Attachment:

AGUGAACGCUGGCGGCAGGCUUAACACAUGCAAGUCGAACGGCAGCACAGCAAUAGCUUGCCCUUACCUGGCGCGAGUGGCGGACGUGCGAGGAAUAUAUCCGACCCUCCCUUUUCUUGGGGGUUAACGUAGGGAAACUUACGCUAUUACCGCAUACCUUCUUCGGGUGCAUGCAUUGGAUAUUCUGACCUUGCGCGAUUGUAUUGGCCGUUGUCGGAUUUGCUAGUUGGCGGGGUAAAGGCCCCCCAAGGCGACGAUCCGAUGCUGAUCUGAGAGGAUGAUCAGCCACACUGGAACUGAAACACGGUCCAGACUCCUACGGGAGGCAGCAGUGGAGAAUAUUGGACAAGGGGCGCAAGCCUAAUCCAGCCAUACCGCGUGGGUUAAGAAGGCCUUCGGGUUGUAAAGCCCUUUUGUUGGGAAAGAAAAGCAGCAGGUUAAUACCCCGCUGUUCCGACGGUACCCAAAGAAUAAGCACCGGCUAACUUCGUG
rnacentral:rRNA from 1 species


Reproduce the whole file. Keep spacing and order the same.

AGUGAACGCUGGCGGCAGGCUUAACACAUGCAAGUCGAACGGCAGCACAGCAAUAGCUUGCCCUUACCUGGCGCGAGUGGCGGACGUGCGAGGAAUAUAUCCGACCCUCCCUUUUCUUGGGGGUUAACGUAGGGAAACUUACGCUAUUACCGCAUACCUUCUUCGGGUGCAUGCAUUGGAUAUUCUGACCUUGCGCGAUUGUAUUGGCCGUUGUCGGAUUUGCUAGUUGGCGGGGUAAAGGCCCCCCAAGGCGACGAUCCGAUGCUGAUCUGAGAGGAUGAUCAGCCACACUGGAACUGAAACACGGUCCAGACUCCUACGGGAGGCAGCAGUGGAGAAUAUUGGACAAGGGGCGCAAGCCUAAUCCAGCCAUACCGCGUGGGUUAAGAAGGCCUUCGGGUUGUAAAGCCCUUUUGUUGGGAAAGAAAAGCAGCAGGUUAAUACCCCGCUGUUCCGACGGUACCCAAAGAAUAAGCACCGGCUAACUUCGUG
rnacentral:rRNA from 1 species